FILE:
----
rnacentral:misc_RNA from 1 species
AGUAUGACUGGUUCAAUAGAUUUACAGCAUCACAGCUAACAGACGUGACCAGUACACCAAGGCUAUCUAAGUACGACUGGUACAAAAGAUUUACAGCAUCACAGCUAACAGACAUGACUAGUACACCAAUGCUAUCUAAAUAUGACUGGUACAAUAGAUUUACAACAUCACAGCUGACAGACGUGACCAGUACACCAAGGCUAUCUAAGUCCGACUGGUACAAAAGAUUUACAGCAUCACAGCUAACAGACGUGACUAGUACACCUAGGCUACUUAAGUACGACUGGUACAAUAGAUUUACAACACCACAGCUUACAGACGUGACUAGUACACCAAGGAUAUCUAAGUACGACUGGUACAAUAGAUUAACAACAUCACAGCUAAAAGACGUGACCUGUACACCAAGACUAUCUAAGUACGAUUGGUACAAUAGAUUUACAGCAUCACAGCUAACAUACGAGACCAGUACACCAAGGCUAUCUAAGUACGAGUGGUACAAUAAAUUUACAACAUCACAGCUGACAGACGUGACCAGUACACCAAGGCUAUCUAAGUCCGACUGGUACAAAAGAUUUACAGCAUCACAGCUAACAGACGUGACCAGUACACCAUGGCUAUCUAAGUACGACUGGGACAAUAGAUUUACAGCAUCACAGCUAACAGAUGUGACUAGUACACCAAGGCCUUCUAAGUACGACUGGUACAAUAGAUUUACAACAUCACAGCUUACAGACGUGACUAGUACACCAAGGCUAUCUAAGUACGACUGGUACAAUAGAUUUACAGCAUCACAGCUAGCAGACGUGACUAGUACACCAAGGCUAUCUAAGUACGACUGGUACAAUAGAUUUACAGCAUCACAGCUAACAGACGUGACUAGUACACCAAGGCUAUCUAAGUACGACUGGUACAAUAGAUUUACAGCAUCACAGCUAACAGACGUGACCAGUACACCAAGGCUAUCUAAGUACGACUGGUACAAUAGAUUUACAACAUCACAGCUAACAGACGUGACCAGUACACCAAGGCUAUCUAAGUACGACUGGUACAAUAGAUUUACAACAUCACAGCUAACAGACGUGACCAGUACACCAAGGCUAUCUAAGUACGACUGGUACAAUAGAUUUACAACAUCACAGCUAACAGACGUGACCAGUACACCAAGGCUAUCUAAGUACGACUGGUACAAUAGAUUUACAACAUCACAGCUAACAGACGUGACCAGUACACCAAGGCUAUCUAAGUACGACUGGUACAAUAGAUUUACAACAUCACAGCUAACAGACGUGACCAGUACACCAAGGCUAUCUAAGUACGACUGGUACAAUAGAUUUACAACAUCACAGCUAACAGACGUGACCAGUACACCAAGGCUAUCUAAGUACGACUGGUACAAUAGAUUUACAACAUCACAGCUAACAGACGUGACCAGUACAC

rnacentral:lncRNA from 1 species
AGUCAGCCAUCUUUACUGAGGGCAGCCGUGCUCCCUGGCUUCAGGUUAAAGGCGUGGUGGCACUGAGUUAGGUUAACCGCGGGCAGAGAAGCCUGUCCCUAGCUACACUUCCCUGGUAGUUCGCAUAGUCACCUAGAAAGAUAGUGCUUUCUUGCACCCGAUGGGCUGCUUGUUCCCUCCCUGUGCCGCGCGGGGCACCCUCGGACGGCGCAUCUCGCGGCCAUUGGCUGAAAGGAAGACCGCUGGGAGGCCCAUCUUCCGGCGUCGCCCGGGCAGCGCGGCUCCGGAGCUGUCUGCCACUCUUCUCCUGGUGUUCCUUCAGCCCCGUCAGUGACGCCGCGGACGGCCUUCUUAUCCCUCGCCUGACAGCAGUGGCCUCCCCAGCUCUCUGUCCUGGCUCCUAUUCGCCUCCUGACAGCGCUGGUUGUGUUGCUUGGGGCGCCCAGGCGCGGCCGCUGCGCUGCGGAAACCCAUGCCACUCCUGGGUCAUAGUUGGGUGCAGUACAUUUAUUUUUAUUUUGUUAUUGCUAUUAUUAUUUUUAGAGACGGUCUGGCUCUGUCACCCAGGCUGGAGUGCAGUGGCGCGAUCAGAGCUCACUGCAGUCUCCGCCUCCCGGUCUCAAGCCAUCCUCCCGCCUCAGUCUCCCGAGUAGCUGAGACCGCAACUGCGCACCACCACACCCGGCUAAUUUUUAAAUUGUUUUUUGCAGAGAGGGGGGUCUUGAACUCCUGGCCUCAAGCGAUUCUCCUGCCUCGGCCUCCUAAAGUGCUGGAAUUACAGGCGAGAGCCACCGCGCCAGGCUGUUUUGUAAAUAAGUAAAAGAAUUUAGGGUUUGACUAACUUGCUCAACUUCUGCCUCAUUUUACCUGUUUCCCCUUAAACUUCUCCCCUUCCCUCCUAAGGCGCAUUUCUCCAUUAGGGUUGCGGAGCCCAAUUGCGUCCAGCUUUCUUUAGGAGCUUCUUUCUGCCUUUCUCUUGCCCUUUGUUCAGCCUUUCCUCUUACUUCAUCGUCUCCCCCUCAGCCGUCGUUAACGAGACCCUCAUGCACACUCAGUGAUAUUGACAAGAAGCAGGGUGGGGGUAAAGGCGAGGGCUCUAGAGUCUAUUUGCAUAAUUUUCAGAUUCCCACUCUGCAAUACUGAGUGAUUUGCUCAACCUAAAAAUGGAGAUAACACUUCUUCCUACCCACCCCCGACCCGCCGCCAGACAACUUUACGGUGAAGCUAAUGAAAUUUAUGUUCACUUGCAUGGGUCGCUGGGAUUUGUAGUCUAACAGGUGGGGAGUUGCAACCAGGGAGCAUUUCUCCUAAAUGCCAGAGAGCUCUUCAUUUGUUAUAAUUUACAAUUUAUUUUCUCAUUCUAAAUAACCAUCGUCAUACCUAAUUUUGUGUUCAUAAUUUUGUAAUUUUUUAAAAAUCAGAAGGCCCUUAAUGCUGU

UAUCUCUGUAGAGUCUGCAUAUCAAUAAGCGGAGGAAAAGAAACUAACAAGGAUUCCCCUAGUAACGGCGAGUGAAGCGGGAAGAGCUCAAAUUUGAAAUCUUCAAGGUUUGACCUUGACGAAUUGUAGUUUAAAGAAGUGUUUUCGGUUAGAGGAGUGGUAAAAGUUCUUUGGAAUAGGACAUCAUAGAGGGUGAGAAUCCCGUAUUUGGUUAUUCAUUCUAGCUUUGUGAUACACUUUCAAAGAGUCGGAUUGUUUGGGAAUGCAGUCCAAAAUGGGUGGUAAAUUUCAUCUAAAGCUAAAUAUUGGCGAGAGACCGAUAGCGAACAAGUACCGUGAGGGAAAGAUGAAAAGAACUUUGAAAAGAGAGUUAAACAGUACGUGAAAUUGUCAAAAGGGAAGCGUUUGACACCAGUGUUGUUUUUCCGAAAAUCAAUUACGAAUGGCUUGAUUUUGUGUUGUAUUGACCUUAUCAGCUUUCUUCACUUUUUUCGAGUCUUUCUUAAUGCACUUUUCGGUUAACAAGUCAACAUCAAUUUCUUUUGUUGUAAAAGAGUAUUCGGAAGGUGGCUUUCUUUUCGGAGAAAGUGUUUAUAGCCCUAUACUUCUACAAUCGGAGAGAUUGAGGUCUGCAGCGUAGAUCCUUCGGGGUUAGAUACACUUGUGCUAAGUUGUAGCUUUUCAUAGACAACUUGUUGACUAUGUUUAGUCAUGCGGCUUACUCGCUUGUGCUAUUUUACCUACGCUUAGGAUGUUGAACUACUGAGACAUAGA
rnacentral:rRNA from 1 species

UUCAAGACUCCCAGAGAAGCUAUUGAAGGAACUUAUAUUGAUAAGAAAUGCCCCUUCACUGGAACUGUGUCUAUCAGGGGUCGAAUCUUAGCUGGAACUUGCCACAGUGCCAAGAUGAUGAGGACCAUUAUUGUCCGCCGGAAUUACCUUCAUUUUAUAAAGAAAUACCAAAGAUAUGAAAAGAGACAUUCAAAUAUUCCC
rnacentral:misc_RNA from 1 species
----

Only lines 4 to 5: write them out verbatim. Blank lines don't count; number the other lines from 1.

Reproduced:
AGUCAGCCAUCUUUACUGAGGGCAGCCGUGCUCCCUGGCUUCAGGUUAAAGGCGUGGUGGCACUGAGUUAGGUUAACCGCGGGCAGAGAAGCCUGUCCCUAGCUACACUUCCCUGGUAGUUCGCAUAGUCACCUAGAAAGAUAGUGCUUUCUUGCACCCGAUGGGCUGCUUGUUCCCUCCCUGUGCCGCGCGGGGCACCCUCGGACGGCGCAUCUCGCGGCCAUUGGCUGAAAGGAAGACCGCUGGGAGGCCCAUCUUCCGGCGUCGCCCGGGCAGCGCGGCUCCGGAGCUGUCUGCCACUCUUCUCCUGGUGUUCCUUCAGCCCCGUCAGUGACGCCGCGGACGGCCUUCUUAUCCCUCGCCUGACAGCAGUGGCCUCCCCAGCUCUCUGUCCUGGCUCCUAUUCGCCUCCUGACAGCGCUGGUUGUGUUGCUUGGGGCGCCCAGGCGCGGCCGCUGCGCUGCGGAAACCCAUGCCACUCCUGGGUCAUAGUUGGGUGCAGUACAUUUAUUUUUAUUUUGUUAUUGCUAUUAUUAUUUUUAGAGACGGUCUGGCUCUGUCACCCAGGCUGGAGUGCAGUGGCGCGAUCAGAGCUCACUGCAGUCUCCGCCUCCCGGUCUCAAGCCAUCCUCCCGCCUCAGUCUCCCGAGUAGCUGAGACCGCAACUGCGCACCACCACACCCGGCUAAUUUUUAAAUUGUUUUUUGCAGAGAGGGGGGUCUUGAACUCCUGGCCUCAAGCGAUUCUCCUGCCUCGGCCUCCUAAAGUGCUGGAAUUACAGGCGAGAGCCACCGCGCCAGGCUGUUUUGUAAAUAAGUAAAAGAAUUUAGGGUUUGACUAACUUGCUCAACUUCUGCCUCAUUUUACCUGUUUCCCCUUAAACUUCUCCCCUUCCCUCCUAAGGCGCAUUUCUCCAUUAGGGUUGCGGAGCCCAAUUGCGUCCAGCUUUCUUUAGGAGCUUCUUUCUGCCUUUCUCUUGCCCUUUGUUCAGCCUUUCCUCUUACUUCAUCGUCUCCCCCUCAGCCGUCGUUAACGAGACCCUCAUGCACACUCAGUGAUAUUGACAAGAAGCAGGGUGGGGGUAAAGGCGAGGGCUCUAGAGUCUAUUUGCAUAAUUUUCAGAUUCCCACUCUGCAAUACUGAGUGAUUUGCUCAACCUAAAAAUGGAGAUAACACUUCUUCCUACCCACCCCCGACCCGCCGCCAGACAACUUUACGGUGAAGCUAAUGAAAUUUAUGUUCACUUGCAUGGGUCGCUGGGAUUUGUAGUCUAACAGGUGGGGAGUUGCAACCAGGGAGCAUUUCUCCUAAAUGCCAGAGAGCUCUUCAUUUGUUAUAAUUUACAAUUUAUUUUCUCAUUCUAAAUAACCAUCGUCAUACCUAAUUUUGUGUUCAUAAUUUUGUAAUUUUUUAAAAAUCAGAAGGCCCUUAAUGCUGU

UAUCUCUGUAGAGUCUGCAUAUCAAUAAGCGGAGGAAAAGAAACUAACAAGGAUUCCCCUAGUAACGGCGAGUGAAGCGGGAAGAGCUCAAAUUUGAAAUCUUCAAGGUUUGACCUUGACGAAUUGUAGUUUAAAGAAGUGUUUUCGGUUAGAGGAGUGGUAAAAGUUCUUUGGAAUAGGACAUCAUAGAGGGUGAGAAUCCCGUAUUUGGUUAUUCAUUCUAGCUUUGUGAUACACUUUCAAAGAGUCGGAUUGUUUGGGAAUGCAGUCCAAAAUGGGUGGUAAAUUUCAUCUAAAGCUAAAUAUUGGCGAGAGACCGAUAGCGAACAAGUACCGUGAGGGAAAGAUGAAAAGAACUUUGAAAAGAGAGUUAAACAGUACGUGAAAUUGUCAAAAGGGAAGCGUUUGACACCAGUGUUGUUUUUCCGAAAAUCAAUUACGAAUGGCUUGAUUUUGUGUUGUAUUGACCUUAUCAGCUUUCUUCACUUUUUUCGAGUCUUUCUUAAUGCACUUUUCGGUUAACAAGUCAACAUCAAUUUCUUUUGUUGUAAAAGAGUAUUCGGAAGGUGGCUUUCUUUUCGGAGAAAGUGUUUAUAGCCCUAUACUUCUACAAUCGGAGAGAUUGAGGUCUGCAGCGUAGAUCCUUCGGGGUUAGAUACACUUGUGCUAAGUUGUAGCUUUUCAUAGACAACUUGUUGACUAUGUUUAGUCAUGCGGCUUACUCGCUUGUGCUAUUUUACCUACGCUUAGGAUGUUGAACUACUGAGACAUAGA